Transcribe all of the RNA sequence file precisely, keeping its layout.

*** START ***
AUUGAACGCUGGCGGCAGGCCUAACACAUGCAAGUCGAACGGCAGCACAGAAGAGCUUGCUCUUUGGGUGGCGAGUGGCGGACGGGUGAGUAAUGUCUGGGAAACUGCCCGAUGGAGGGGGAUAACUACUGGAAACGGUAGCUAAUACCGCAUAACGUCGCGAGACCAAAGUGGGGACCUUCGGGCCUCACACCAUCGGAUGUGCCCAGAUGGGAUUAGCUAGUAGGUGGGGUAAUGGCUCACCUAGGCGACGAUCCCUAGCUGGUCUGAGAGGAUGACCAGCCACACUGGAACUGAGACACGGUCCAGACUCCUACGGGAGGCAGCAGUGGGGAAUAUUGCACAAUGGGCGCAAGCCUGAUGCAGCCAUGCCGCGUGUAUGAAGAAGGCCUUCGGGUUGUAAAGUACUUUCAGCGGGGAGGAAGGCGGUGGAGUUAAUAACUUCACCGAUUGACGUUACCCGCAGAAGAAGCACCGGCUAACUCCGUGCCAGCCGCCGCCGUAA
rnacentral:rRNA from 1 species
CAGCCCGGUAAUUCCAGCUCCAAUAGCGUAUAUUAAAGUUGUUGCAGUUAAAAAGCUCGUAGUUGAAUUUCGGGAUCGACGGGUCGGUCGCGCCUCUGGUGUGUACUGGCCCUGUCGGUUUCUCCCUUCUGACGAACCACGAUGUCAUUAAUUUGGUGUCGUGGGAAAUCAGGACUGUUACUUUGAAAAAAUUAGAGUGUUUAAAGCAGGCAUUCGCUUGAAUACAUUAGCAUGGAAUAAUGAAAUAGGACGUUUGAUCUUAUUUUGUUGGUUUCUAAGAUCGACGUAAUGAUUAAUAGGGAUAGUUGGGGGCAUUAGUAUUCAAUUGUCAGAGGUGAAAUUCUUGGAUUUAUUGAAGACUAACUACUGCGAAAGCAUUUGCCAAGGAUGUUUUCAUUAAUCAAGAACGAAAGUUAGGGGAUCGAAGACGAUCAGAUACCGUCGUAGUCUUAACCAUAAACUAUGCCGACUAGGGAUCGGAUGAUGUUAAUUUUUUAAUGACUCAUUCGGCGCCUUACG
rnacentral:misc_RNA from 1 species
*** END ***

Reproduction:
AUUGAACGCUGGCGGCAGGCCUAACACAUGCAAGUCGAACGGCAGCACAGAAGAGCUUGCUCUUUGGGUGGCGAGUGGCGGACGGGUGAGUAAUGUCUGGGAAACUGCCCGAUGGAGGGGGAUAACUACUGGAAACGGUAGCUAAUACCGCAUAACGUCGCGAGACCAAAGUGGGGACCUUCGGGCCUCACACCAUCGGAUGUGCCCAGAUGGGAUUAGCUAGUAGGUGGGGUAAUGGCUCACCUAGGCGACGAUCCCUAGCUGGUCUGAGAGGAUGACCAGCCACACUGGAACUGAGACACGGUCCAGACUCCUACGGGAGGCAGCAGUGGGGAAUAUUGCACAAUGGGCGCAAGCCUGAUGCAGCCAUGCCGCGUGUAUGAAGAAGGCCUUCGGGUUGUAAAGUACUUUCAGCGGGGAGGAAGGCGGUGGAGUUAAUAACUUCACCGAUUGACGUUACCCGCAGAAGAAGCACCGGCUAACUCCGUGCCAGCCGCCGCCGUAA
rnacentral:rRNA from 1 species
CAGCCCGGUAAUUCCAGCUCCAAUAGCGUAUAUUAAAGUUGUUGCAGUUAAAAAGCUCGUAGUUGAAUUUCGGGAUCGACGGGUCGGUCGCGCCUCUGGUGUGUACUGGCCCUGUCGGUUUCUCCCUUCUGACGAACCACGAUGUCAUUAAUUUGGUGUCGUGGGAAAUCAGGACUGUUACUUUGAAAAAAUUAGAGUGUUUAAAGCAGGCAUUCGCUUGAAUACAUUAGCAUGGAAUAAUGAAAUAGGACGUUUGAUCUUAUUUUGUUGGUUUCUAAGAUCGACGUAAUGAUUAAUAGGGAUAGUUGGGGGCAUUAGUAUUCAAUUGUCAGAGGUGAAAUUCUUGGAUUUAUUGAAGACUAACUACUGCGAAAGCAUUUGCCAAGGAUGUUUUCAUUAAUCAAGAACGAAAGUUAGGGGAUCGAAGACGAUCAGAUACCGUCGUAGUCUUAACCAUAAACUAUGCCGACUAGGGAUCGGAUGAUGUUAAUUUUUUAAUGACUCAUUCGGCGCCUUACG
rnacentral:misc_RNA from 1 species